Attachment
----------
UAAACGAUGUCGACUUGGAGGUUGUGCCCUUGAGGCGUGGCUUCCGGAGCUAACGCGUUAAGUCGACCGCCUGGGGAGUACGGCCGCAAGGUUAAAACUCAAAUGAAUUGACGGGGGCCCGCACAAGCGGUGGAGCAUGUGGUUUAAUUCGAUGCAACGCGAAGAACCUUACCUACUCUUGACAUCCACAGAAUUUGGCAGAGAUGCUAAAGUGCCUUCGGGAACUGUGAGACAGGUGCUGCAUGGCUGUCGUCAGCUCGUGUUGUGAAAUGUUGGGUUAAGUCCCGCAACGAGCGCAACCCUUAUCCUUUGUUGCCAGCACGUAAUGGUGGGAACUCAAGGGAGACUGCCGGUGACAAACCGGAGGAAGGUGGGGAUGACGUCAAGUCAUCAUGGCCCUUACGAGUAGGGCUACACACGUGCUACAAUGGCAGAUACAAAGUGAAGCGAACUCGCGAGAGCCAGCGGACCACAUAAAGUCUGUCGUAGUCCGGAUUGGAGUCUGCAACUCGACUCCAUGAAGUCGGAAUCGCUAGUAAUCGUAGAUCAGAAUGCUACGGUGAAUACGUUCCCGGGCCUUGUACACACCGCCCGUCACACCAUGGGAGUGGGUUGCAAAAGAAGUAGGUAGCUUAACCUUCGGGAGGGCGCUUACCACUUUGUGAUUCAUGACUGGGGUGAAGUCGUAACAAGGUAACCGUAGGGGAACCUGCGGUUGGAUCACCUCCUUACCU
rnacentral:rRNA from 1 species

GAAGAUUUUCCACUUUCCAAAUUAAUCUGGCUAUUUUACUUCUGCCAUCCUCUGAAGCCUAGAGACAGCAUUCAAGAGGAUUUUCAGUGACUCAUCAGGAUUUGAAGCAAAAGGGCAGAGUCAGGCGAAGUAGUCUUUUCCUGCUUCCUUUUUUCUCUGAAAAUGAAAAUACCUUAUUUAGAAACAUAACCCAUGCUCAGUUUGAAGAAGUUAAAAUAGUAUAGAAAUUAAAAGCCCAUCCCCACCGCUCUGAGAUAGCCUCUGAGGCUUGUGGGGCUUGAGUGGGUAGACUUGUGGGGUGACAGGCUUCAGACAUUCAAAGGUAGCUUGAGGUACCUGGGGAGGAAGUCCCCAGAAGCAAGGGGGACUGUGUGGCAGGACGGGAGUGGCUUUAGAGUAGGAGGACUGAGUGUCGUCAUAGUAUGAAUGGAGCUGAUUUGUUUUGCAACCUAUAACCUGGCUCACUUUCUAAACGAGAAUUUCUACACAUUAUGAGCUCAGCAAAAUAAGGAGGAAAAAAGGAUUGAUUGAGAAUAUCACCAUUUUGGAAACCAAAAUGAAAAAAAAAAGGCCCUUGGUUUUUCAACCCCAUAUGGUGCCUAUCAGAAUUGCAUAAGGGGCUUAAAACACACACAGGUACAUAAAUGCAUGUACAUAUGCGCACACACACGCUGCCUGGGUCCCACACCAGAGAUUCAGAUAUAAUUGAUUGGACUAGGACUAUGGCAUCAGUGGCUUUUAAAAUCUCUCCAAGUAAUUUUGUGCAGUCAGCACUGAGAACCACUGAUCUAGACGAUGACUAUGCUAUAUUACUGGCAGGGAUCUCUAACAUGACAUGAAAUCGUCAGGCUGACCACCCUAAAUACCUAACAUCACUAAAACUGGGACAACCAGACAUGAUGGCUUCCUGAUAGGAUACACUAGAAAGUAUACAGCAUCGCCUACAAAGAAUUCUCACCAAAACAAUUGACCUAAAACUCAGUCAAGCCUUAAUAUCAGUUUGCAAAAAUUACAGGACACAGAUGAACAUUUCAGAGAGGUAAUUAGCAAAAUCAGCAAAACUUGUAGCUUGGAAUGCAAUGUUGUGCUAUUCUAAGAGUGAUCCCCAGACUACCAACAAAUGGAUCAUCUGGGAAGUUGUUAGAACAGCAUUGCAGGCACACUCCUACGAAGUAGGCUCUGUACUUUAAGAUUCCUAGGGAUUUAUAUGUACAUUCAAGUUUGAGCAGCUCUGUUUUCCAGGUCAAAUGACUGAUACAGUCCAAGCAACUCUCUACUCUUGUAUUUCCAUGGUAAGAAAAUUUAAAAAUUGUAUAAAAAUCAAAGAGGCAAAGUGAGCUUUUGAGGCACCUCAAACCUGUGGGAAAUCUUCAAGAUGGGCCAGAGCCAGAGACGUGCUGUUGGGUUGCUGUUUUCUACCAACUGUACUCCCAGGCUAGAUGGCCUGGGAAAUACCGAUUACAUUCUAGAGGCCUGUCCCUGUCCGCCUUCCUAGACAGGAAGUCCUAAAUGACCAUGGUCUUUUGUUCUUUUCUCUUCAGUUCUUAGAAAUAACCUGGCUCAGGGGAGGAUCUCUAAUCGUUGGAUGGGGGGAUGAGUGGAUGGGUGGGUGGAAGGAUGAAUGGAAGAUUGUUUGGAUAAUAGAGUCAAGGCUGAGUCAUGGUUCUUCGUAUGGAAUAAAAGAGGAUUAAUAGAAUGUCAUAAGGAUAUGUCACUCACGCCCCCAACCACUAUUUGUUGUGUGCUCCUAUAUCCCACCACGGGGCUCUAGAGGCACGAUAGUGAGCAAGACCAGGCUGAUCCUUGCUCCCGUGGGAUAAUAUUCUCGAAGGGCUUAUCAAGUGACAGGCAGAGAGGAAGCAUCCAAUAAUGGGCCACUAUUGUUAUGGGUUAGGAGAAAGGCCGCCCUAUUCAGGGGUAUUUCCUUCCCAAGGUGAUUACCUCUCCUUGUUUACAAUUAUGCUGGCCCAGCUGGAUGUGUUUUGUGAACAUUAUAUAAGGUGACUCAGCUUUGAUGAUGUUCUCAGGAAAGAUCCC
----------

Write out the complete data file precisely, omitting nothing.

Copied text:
UAAACGAUGUCGACUUGGAGGUUGUGCCCUUGAGGCGUGGCUUCCGGAGCUAACGCGUUAAGUCGACCGCCUGGGGAGUACGGCCGCAAGGUUAAAACUCAAAUGAAUUGACGGGGGCCCGCACAAGCGGUGGAGCAUGUGGUUUAAUUCGAUGCAACGCGAAGAACCUUACCUACUCUUGACAUCCACAGAAUUUGGCAGAGAUGCUAAAGUGCCUUCGGGAACUGUGAGACAGGUGCUGCAUGGCUGUCGUCAGCUCGUGUUGUGAAAUGUUGGGUUAAGUCCCGCAACGAGCGCAACCCUUAUCCUUUGUUGCCAGCACGUAAUGGUGGGAACUCAAGGGAGACUGCCGGUGACAAACCGGAGGAAGGUGGGGAUGACGUCAAGUCAUCAUGGCCCUUACGAGUAGGGCUACACACGUGCUACAAUGGCAGAUACAAAGUGAAGCGAACUCGCGAGAGCCAGCGGACCACAUAAAGUCUGUCGUAGUCCGGAUUGGAGUCUGCAACUCGACUCCAUGAAGUCGGAAUCGCUAGUAAUCGUAGAUCAGAAUGCUACGGUGAAUACGUUCCCGGGCCUUGUACACACCGCCCGUCACACCAUGGGAGUGGGUUGCAAAAGAAGUAGGUAGCUUAACCUUCGGGAGGGCGCUUACCACUUUGUGAUUCAUGACUGGGGUGAAGUCGUAACAAGGUAACCGUAGGGGAACCUGCGGUUGGAUCACCUCCUUACCU
rnacentral:rRNA from 1 species

GAAGAUUUUCCACUUUCCAAAUUAAUCUGGCUAUUUUACUUCUGCCAUCCUCUGAAGCCUAGAGACAGCAUUCAAGAGGAUUUUCAGUGACUCAUCAGGAUUUGAAGCAAAAGGGCAGAGUCAGGCGAAGUAGUCUUUUCCUGCUUCCUUUUUUCUCUGAAAAUGAAAAUACCUUAUUUAGAAACAUAACCCAUGCUCAGUUUGAAGAAGUUAAAAUAGUAUAGAAAUUAAAAGCCCAUCCCCACCGCUCUGAGAUAGCCUCUGAGGCUUGUGGGGCUUGAGUGGGUAGACUUGUGGGGUGACAGGCUUCAGACAUUCAAAGGUAGCUUGAGGUACCUGGGGAGGAAGUCCCCAGAAGCAAGGGGGACUGUGUGGCAGGACGGGAGUGGCUUUAGAGUAGGAGGACUGAGUGUCGUCAUAGUAUGAAUGGAGCUGAUUUGUUUUGCAACCUAUAACCUGGCUCACUUUCUAAACGAGAAUUUCUACACAUUAUGAGCUCAGCAAAAUAAGGAGGAAAAAAGGAUUGAUUGAGAAUAUCACCAUUUUGGAAACCAAAAUGAAAAAAAAAAGGCCCUUGGUUUUUCAACCCCAUAUGGUGCCUAUCAGAAUUGCAUAAGGGGCUUAAAACACACACAGGUACAUAAAUGCAUGUACAUAUGCGCACACACACGCUGCCUGGGUCCCACACCAGAGAUUCAGAUAUAAUUGAUUGGACUAGGACUAUGGCAUCAGUGGCUUUUAAAAUCUCUCCAAGUAAUUUUGUGCAGUCAGCACUGAGAACCACUGAUCUAGACGAUGACUAUGCUAUAUUACUGGCAGGGAUCUCUAACAUGACAUGAAAUCGUCAGGCUGACCACCCUAAAUACCUAACAUCACUAAAACUGGGACAACCAGACAUGAUGGCUUCCUGAUAGGAUACACUAGAAAGUAUACAGCAUCGCCUACAAAGAAUUCUCACCAAAACAAUUGACCUAAAACUCAGUCAAGCCUUAAUAUCAGUUUGCAAAAAUUACAGGACACAGAUGAACAUUUCAGAGAGGUAAUUAGCAAAAUCAGCAAAACUUGUAGCUUGGAAUGCAAUGUUGUGCUAUUCUAAGAGUGAUCCCCAGACUACCAACAAAUGGAUCAUCUGGGAAGUUGUUAGAACAGCAUUGCAGGCACACUCCUACGAAGUAGGCUCUGUACUUUAAGAUUCCUAGGGAUUUAUAUGUACAUUCAAGUUUGAGCAGCUCUGUUUUCCAGGUCAAAUGACUGAUACAGUCCAAGCAACUCUCUACUCUUGUAUUUCCAUGGUAAGAAAAUUUAAAAAUUGUAUAAAAAUCAAAGAGGCAAAGUGAGCUUUUGAGGCACCUCAAACCUGUGGGAAAUCUUCAAGAUGGGCCAGAGCCAGAGACGUGCUGUUGGGUUGCUGUUUUCUACCAACUGUACUCCCAGGCUAGAUGGCCUGGGAAAUACCGAUUACAUUCUAGAGGCCUGUCCCUGUCCGCCUUCCUAGACAGGAAGUCCUAAAUGACCAUGGUCUUUUGUUCUUUUCUCUUCAGUUCUUAGAAAUAACCUGGCUCAGGGGAGGAUCUCUAAUCGUUGGAUGGGGGGAUGAGUGGAUGGGUGGGUGGAAGGAUGAAUGGAAGAUUGUUUGGAUAAUAGAGUCAAGGCUGAGUCAUGGUUCUUCGUAUGGAAUAAAAGAGGAUUAAUAGAAUGUCAUAAGGAUAUGUCACUCACGCCCCCAACCACUAUUUGUUGUGUGCUCCUAUAUCCCACCACGGGGCUCUAGAGGCACGAUAGUGAGCAAGACCAGGCUGAUCCUUGCUCCCGUGGGAUAAUAUUCUCGAAGGGCUUAUCAAGUGACAGGCAGAGAGGAAGCAUCCAAUAAUGGGCCACUAUUGUUAUGGGUUAGGAGAAAGGCCGCCCUAUUCAGGGGUAUUUCCUUCCCAAGGUGAUUACCUCUCCUUGUUUACAAUUAUGCUGGCCCAGCUGGAUGUGUUUUGUGAACAUUAUAUAAGGUGACUCAGCUUUGAUGAUGUUCUCAGGAAAGAUCCC